From executive producer Doug Liman and showrunner Lauren LeFranc, the second season of the YouTube Originals drama series Impulse continues to follow Henry Coles (Maddie Hasson), as she tries to gain understanding and control of the ability to teleport that she found herself with, after experiencing a traumatic event. And while she has the help of friends, Henry still struggles with whether this mysterious power will endanger the people that she loves.
During this 1-on-1 phone interview with Collider, actress Maddie Hasson talked about playing such an internalized character, how quickly she understood who Henry is, collaborating with the creative team, what it might take for Henry to view her ability as a gift rather than a curse, finding empowerment in facing trauma, playing someone who’s more relatable than likable, and her hopes for a third season. She also talked about being a part of James Wan’s return to indie horror with Malignant, and the importance of playing characters that are very different from each other.
Collider: This seems like such a tough character to play because so much of her emotionality is internal. Is it hard sometimes to contain all of that inside of you?
MADDIE HASSON: Yeah, it’s definitely interesting to play somebody who internalizes a lot of her emotions because I think there’s a tendency when you’re creating a story, to want to see some of those beats externalized. It’s easy to want to go in that direction, but that would go against the character. So, it’s hard finding a balance of getting what we need to tell the story while also staying true to who she is and the reality of her, as a person.
At the same time, was there a moment that you felt like you really got her and knew who she was? Was that something that happened pretty early on for you?
HASSON: Yeah, that happened really early on for me with Henry. I really understood her and felt like I was very similar to her, as a teenager. I was very often on my own, and I had a bit of a chip on my shoulder and I felt misunderstood, and all of the things that go with being a lonely, outcasted teenager. So, I understood that aspect of her. But going into Season 2, I felt a lot more comfortable, as far as holding my own in that space. I felt a lot of pressure going into Season 1 ‘cause I was like, “Oh, my god, how can I do this? How can I be the lead in a show, in this way? I feel really nervous. I don’t want to let anybody down.” With Season 2, I felt a lot safer, if that makes sense.
It does make sense, especially because you’re just trying to figure out what the show is, in Season 1, and everybody’s relationships are, and you know that a lot better in Season 2, so you can feel more confident in that.
HASSON: Yeah. Also, the main fear you have, as an actor, is that just don’t wanna fuck it up. You don’t wanna get fired. You don’t wanna be the one that messes everything up. And so, in Season 1, that feeling was really magnified. Going into Season 2, we were all a big family already and it just felt a lot more comfortable. I was like, “It’s okay, if I fuck up a little bit.”
This is a project that Doug Liman has been wanting to do for about a decade. What it’s been like to work with him on it, and with your showrunner, Lauren LeFranc, and create and develop this world and Henry’s place in it, and have that evolve, over two seasons now. What’s it been like for you to have that collaborative relationship?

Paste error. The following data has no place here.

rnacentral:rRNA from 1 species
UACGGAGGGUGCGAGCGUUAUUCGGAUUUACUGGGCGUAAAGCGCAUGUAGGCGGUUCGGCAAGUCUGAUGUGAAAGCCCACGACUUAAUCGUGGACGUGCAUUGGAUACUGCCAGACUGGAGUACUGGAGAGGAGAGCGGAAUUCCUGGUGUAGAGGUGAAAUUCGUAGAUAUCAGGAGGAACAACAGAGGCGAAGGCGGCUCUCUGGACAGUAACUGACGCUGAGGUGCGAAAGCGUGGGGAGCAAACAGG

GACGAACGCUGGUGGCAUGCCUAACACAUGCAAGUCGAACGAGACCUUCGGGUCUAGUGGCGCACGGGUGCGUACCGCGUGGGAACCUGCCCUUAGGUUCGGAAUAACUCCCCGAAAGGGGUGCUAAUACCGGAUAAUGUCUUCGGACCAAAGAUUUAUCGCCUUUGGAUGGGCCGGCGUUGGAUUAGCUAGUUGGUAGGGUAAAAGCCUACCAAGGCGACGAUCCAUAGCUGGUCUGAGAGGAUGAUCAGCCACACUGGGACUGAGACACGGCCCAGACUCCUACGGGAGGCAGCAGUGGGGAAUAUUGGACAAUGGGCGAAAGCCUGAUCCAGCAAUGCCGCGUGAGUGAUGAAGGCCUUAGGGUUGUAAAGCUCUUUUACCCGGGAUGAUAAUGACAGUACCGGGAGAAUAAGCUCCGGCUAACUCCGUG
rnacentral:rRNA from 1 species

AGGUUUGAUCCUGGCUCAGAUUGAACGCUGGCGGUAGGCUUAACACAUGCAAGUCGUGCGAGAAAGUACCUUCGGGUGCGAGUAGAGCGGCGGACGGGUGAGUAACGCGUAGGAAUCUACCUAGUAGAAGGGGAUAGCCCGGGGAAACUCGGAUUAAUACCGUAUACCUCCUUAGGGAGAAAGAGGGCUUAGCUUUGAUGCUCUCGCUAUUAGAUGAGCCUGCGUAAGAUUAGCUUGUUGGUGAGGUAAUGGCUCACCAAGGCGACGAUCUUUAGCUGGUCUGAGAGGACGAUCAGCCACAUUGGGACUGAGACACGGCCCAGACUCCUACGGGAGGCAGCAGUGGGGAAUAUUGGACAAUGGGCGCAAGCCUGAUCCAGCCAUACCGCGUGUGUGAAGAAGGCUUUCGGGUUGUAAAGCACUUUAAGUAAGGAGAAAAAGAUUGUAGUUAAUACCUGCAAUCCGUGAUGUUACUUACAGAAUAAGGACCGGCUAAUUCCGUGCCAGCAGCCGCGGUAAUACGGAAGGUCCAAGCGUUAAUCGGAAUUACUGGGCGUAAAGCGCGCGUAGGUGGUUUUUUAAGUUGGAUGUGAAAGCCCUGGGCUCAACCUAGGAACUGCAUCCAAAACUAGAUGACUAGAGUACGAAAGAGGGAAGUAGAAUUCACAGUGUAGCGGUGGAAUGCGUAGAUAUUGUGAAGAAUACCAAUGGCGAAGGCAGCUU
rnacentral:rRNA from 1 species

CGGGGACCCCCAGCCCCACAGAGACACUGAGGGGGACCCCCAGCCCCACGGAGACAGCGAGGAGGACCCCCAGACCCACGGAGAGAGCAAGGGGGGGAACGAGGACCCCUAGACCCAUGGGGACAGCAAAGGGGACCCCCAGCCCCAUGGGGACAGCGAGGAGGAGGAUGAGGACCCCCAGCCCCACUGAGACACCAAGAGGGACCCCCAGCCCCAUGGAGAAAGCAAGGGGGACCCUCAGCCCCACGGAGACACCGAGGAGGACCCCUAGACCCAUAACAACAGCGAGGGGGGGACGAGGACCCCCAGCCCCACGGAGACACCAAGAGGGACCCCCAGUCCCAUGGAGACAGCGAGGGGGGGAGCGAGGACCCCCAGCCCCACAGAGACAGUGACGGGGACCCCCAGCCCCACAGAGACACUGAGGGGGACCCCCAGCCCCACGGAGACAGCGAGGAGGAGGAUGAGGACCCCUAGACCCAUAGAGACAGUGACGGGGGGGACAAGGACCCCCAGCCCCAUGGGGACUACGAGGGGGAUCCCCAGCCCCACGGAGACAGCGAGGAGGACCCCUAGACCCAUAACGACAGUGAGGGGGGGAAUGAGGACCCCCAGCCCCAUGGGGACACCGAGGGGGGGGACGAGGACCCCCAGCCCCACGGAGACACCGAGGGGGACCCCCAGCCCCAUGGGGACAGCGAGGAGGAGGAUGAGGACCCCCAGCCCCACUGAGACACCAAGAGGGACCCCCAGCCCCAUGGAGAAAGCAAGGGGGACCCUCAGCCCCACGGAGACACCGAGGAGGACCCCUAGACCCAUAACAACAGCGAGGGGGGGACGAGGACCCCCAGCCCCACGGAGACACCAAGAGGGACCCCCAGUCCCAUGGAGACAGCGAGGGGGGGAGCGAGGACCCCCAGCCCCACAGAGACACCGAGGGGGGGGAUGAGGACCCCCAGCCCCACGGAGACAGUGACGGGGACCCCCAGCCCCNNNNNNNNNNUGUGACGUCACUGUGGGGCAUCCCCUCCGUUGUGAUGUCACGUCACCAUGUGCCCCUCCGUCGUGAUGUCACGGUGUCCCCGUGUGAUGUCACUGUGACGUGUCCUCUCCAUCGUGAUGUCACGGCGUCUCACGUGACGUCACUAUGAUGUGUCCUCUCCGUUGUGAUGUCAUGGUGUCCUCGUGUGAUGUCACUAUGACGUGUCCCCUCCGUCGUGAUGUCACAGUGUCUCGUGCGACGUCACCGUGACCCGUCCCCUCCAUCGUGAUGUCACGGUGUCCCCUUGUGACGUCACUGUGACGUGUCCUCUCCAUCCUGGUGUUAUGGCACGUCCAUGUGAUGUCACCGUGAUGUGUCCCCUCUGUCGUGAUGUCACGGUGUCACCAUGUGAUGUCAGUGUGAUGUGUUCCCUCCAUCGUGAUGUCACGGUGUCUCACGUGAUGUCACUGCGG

HASSON: It’s really been incredibly lovely, and I feel really, really fortunate because Doug Liman and Lauren LeFranc are obviously both masters at what they do and they’re both also really kind and generous people, just as individuals, but also as working partners. They’re lovely and very collaborative, and really wanna listen to what you have to say and what your opinions are, which isn’t super commonplace when you’re a younger actor. There’s an element of trust that needs to be established, having a longer career, before you can say, “Hey, I think we should do this.” But from the jump, they were like, “What do you think?” And that made me feel really comfortable and confident and happy.
It definitely seems like Henry isn’t even at the point of deciding whether or not she wants to be a hero. She’s still at that point of wondering whether this ability is a gift or a curse, and it really seems like more of a curse, right now. What do you think it would take for her to see that ability as a gift?
HASSON: I’ve never gotten that question before. That’s so interesting. I don’t know. I think by the end of Season 2, she gets a little taste of what kind of freedom it could bring her, and that could help her start to see it as a gift. But everything comes with a price, especially in this show. Nothing is black and white. And I think Lauren LeFranc really did that intentionally because that’s true to life. The reason why she goes to the grand place that she goes to, at the end of Season 2, is because she’s cutting ties with her mom. She gets a lovely taste of freedom. She goes to Barcelona and feels excited about her life, for the first time, in a long time, but the only reason she’s doing that is because she’s just had to essentially break up with her own mother. So, it’s always a little bit bittersweet, with our gal Henry.
It seems like there’s still that question of whether or not this could ultimately be a superhero or a supervillain origin story, depending on how things ultimately turn out for her. Typically, those kinds of stories, we get on such a big scale, but this really has been a show that’s a character drama about sexual assault, wrapped in this supernatural thriller about a teenager with a superpower. What’s it been like for you to get to explore this kind of story, in such a personal and often traumatic way?